The Obama administration released its 2012 National Drug Control Strategy and accompanying 2013 drug budget Tuesday, but while the administration touted it as a "drug policy for the 21st Century," it is very much of a piece with anti-drug policies going back to the days of Richard Nixon.
The federal government will spend more than $25 billion on drug law enforcement under the proposed budget, and despite the administration's talk about emphasizing prevention and treatment over war on drugs spending, it retains the same roughly 60:40 ratio of law enforcement and interdiction spending over treatment and prevention training that has obtained in federal drug budgets going back years.
The administration is high-lighting a renewed emphasis on drugged driving and is encouraging states to pass "zero tolerance" drugged driving laws. It is also emphasizing the massive increase in non-prescription use of opioid pain pills.
While the strategy calls for lesser reliance on imprisonment for drug offenders, it also calls for increased "community corrections" surveillance of them, including calling for expanded drug testing with "swift and certain" sanctions for positive tests. But drug testing isn't just for parolees and probationers; the drug strategy calls for expanded drug testing in the workplace, as well.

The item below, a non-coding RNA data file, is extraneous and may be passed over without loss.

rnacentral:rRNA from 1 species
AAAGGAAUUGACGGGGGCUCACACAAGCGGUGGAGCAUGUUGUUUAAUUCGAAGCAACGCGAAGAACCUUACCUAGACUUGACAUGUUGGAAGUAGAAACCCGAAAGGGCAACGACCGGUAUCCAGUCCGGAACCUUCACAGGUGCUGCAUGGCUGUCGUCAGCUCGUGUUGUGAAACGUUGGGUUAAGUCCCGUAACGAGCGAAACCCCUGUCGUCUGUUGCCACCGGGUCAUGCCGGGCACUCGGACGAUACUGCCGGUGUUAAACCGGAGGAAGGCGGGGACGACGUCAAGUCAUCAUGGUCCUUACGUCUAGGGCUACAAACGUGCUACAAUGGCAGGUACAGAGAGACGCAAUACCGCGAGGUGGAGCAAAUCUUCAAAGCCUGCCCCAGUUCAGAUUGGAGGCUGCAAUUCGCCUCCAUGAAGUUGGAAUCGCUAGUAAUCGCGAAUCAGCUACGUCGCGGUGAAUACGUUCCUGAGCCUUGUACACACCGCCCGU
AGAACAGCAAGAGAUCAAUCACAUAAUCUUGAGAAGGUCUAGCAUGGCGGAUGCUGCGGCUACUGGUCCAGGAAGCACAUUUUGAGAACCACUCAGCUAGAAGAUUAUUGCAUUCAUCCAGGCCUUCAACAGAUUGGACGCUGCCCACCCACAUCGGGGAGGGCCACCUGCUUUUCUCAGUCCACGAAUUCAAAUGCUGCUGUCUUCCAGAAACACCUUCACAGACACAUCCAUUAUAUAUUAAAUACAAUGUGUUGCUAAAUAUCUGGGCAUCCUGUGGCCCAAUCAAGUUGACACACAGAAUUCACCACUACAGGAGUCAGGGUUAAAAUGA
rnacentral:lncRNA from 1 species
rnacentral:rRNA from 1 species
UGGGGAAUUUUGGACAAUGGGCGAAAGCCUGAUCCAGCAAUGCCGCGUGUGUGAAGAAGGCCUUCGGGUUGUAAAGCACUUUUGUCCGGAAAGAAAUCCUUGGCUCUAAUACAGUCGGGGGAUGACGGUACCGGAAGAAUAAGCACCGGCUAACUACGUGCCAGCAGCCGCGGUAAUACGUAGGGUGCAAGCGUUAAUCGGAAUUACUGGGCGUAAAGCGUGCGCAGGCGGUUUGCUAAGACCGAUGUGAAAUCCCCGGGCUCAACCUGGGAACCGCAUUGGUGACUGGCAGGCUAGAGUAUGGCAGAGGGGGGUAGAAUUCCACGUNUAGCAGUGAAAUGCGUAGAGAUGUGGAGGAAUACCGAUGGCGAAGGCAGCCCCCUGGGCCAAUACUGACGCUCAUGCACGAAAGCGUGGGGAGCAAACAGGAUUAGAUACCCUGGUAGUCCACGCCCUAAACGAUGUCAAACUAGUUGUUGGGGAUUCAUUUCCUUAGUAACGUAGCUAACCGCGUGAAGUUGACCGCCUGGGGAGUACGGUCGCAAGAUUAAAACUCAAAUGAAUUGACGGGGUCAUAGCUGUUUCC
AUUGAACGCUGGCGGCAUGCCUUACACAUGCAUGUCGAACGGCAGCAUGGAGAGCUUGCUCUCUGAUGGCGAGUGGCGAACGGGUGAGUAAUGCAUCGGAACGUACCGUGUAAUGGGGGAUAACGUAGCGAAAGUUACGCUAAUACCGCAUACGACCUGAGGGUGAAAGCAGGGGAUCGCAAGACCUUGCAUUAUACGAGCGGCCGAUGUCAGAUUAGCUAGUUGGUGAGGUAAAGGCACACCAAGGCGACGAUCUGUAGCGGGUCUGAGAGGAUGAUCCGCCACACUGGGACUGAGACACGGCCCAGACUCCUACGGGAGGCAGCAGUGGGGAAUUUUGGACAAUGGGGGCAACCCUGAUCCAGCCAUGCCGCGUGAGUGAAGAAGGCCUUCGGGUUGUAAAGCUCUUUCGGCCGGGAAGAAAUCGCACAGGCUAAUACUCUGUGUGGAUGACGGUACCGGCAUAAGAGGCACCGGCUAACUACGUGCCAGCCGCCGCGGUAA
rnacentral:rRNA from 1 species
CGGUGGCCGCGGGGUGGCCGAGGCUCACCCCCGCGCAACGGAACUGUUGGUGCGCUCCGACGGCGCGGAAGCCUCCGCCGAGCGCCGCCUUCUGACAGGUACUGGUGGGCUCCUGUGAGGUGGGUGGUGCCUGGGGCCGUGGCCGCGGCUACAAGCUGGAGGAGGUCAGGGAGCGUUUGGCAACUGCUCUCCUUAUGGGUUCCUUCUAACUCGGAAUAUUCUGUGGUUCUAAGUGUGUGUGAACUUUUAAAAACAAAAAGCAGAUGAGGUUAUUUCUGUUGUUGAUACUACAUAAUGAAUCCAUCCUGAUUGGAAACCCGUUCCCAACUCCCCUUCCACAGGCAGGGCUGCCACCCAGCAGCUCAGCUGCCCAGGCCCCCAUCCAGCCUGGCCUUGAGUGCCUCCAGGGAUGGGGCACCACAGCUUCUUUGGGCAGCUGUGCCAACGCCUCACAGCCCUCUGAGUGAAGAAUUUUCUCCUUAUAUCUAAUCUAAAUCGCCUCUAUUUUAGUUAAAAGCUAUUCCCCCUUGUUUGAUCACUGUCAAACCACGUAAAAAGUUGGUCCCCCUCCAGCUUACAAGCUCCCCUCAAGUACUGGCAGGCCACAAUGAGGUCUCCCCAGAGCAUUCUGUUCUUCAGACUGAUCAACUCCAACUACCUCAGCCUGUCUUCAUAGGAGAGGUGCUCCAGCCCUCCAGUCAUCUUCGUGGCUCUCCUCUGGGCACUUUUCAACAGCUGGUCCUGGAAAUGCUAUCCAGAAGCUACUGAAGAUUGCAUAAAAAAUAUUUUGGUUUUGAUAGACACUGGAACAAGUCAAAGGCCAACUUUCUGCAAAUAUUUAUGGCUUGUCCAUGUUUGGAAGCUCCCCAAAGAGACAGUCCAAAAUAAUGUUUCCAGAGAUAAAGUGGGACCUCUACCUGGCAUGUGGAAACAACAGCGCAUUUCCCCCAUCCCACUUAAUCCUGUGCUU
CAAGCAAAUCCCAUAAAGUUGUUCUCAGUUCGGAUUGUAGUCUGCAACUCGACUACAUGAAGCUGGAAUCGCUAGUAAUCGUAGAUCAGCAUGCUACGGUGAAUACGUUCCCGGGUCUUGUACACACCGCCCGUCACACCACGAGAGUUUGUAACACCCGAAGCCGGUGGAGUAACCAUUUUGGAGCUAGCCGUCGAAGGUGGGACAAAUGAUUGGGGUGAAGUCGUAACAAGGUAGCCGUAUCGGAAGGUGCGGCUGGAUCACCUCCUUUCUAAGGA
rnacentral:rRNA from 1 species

The drug strategy acknowledges the calls for recognition of medical marijuana and marijuana legalization, but only to dismiss them.
"While the Administration supports ongoing research into determining what components of the marijuana plant can be used as medicine, to date, neither the FDA nor the Institute of Medicine has found the marijuana plant itself to meet the modern standard for safe or effective medicine for any condition," the strategy said. "The Administration also recognizes that legalizing marijuana would not provide the answer to any of the health, social, youth education, criminal justice, and community quality of life challenges associated with drug use."
This year's drug strategy looks like last year's drug strategy, which looked like Bush administration drug strategies, which looked like Clinton administration drug strategies. When it comes to the federal drug war, it's more of the same old same old.
Look for an expanded version of this news brief Thursday afternoon, with deeper analysis and commentary from drug war observers.
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